The man, who drove a tan four-door car, also offered the girls candy and told them he was with a local church.
The girls were approached after getting off the bus near 148th Avenue and Spring Lake Drive on Monday afternoon. Lt. Mark Bennett of the Ottawa County Sheriff’s Department said the children —ages 5, 7, 11 and 12 — didn't take the candy and immediately notified a trusted adult.
“The children acted very appropriately and they should be commended,” Bennett said.
Bennett said the suspect has cooperated with investigators, and no charges or arrest have been made at this time. Bennett said the man indicated he offered the children a ride home because one of them looked cold.
Investigators will continue interviewing witnesses and ensure that there was no ill intent, Bennett added.
Spring Lake Public Schools Superintendent Dennis Furton sent e-mails to parents on Tuesday, informing them about the incident and investigation. He also alerted the district’s transportation department.
Furton said the message he would like to convey to parents is how important the district takes students’ safety.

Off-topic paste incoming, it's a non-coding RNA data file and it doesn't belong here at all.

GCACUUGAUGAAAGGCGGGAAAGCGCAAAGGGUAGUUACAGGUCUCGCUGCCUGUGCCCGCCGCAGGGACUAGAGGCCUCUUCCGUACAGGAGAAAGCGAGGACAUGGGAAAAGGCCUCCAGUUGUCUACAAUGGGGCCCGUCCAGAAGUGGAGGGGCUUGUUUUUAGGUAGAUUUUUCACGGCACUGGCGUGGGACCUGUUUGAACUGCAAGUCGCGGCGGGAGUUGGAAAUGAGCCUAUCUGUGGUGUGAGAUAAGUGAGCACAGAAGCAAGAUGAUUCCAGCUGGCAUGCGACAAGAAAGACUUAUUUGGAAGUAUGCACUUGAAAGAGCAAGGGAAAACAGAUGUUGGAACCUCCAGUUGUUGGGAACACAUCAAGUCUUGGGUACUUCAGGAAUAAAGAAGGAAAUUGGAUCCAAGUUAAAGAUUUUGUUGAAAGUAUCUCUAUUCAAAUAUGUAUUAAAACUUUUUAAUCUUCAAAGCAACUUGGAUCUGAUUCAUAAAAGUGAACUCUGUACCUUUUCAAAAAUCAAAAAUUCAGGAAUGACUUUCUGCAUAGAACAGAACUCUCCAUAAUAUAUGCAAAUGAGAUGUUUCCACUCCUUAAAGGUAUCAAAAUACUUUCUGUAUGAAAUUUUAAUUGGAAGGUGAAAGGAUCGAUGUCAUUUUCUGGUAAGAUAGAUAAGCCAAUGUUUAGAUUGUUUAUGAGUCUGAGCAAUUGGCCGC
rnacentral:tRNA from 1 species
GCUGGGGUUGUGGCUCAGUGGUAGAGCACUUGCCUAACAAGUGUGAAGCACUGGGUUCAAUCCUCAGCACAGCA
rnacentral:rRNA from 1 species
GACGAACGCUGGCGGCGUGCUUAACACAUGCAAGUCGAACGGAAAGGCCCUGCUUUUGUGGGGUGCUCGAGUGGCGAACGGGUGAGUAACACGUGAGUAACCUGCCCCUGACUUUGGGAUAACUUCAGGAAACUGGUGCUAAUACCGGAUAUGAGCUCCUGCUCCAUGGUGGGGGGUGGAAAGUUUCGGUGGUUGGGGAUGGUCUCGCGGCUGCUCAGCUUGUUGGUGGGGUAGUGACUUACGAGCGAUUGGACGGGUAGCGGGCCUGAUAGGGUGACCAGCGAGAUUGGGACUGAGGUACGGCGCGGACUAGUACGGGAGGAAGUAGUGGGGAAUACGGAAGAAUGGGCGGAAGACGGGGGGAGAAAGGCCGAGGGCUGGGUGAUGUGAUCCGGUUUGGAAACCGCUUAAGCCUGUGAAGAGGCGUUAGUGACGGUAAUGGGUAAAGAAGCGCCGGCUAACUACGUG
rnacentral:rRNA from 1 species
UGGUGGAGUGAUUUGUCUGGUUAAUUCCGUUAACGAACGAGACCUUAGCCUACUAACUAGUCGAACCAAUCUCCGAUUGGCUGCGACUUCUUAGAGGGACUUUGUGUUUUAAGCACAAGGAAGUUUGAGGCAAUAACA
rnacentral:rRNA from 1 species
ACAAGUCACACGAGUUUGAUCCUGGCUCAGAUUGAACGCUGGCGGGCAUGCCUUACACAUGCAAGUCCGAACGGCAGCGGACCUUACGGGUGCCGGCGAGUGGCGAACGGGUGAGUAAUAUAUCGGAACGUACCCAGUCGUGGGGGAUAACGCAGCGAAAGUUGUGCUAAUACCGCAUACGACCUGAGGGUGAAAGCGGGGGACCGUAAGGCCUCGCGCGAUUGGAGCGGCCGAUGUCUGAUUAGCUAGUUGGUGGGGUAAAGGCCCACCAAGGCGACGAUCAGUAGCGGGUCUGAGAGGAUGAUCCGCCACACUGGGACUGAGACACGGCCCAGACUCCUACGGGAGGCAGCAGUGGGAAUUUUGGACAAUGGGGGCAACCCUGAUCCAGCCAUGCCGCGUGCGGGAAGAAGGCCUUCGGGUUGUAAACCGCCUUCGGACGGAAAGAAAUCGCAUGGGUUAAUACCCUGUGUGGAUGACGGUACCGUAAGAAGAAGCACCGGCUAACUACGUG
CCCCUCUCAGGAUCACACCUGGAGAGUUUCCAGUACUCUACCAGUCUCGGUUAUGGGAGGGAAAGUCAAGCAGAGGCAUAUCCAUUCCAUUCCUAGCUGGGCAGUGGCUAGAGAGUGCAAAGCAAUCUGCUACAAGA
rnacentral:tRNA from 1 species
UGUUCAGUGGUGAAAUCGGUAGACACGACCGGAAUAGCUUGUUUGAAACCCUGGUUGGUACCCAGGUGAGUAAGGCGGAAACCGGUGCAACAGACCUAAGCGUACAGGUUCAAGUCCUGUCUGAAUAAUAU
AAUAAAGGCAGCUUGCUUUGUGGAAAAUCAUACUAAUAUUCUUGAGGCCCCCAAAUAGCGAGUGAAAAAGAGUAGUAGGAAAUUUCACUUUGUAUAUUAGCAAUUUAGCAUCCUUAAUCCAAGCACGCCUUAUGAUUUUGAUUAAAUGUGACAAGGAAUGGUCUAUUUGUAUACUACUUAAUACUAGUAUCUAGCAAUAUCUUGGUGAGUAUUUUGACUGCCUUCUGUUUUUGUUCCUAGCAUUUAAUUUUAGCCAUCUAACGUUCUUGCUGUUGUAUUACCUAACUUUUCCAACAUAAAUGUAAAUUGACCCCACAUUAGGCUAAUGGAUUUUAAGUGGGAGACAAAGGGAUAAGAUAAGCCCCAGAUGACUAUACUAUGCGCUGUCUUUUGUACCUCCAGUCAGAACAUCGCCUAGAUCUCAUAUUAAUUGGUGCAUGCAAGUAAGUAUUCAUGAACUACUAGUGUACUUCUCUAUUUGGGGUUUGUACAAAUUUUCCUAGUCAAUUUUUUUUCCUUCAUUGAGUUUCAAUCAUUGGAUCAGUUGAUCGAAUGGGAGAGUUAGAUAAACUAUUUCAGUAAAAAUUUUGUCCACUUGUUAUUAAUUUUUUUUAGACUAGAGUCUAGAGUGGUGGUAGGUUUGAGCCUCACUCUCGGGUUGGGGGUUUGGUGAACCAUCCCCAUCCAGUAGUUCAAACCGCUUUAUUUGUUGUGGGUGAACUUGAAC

“Their children are our highest priority,” he said.
Amanda Zahrt said "livid would be an understatement" to describe what she felt when she heard about the incident. The mother of four said she’s "furious" that someone would have the nerve to approach children in the tight-knit Spring Lake community.
“Frankly, I’m disgusted,” Zahrt said.
Zahrt said she’s previously had discussions with her children about what to do if a stranger approaches them. She told them strangers will use tricks to lure children, such as offering candy or saying they know their parents.
“You absolutely do not believe them,” Zahrt said she tells her children.
During Tuesday’s half-day of school, Furton said staff in kindergarten through sixth grade had age-appropriate conversations about “stranger danger” and what to do if strangers approach them.
When Nicole Cohoon picked up her fourth-grade daughter and first-grade son from Holmes Elementary School on Tuesday, she said she drove a different way home to ensure family friends who walk from school made it home safely.
“We don't hear of these cases often at all in our small little Village of Spring Lake, but it is out there and can happen,” Cohoon said. “Our community will all pull together and look out for everyone's children and keep them safe.”
Cohoon also said she reminded her children Tuesday of what to do in the event that a stranger approaches them.
“I told them they always have to be aware of their surroundings — wherever they are, whoever they are with,” she said.
Zahrt said there should be more police patrolling before and after school. And she doesn’t plan to let her son walk home from school for at least the rest of the school year.
“There is no measure that is too small that we can take to protect the kids,” Zahrt said.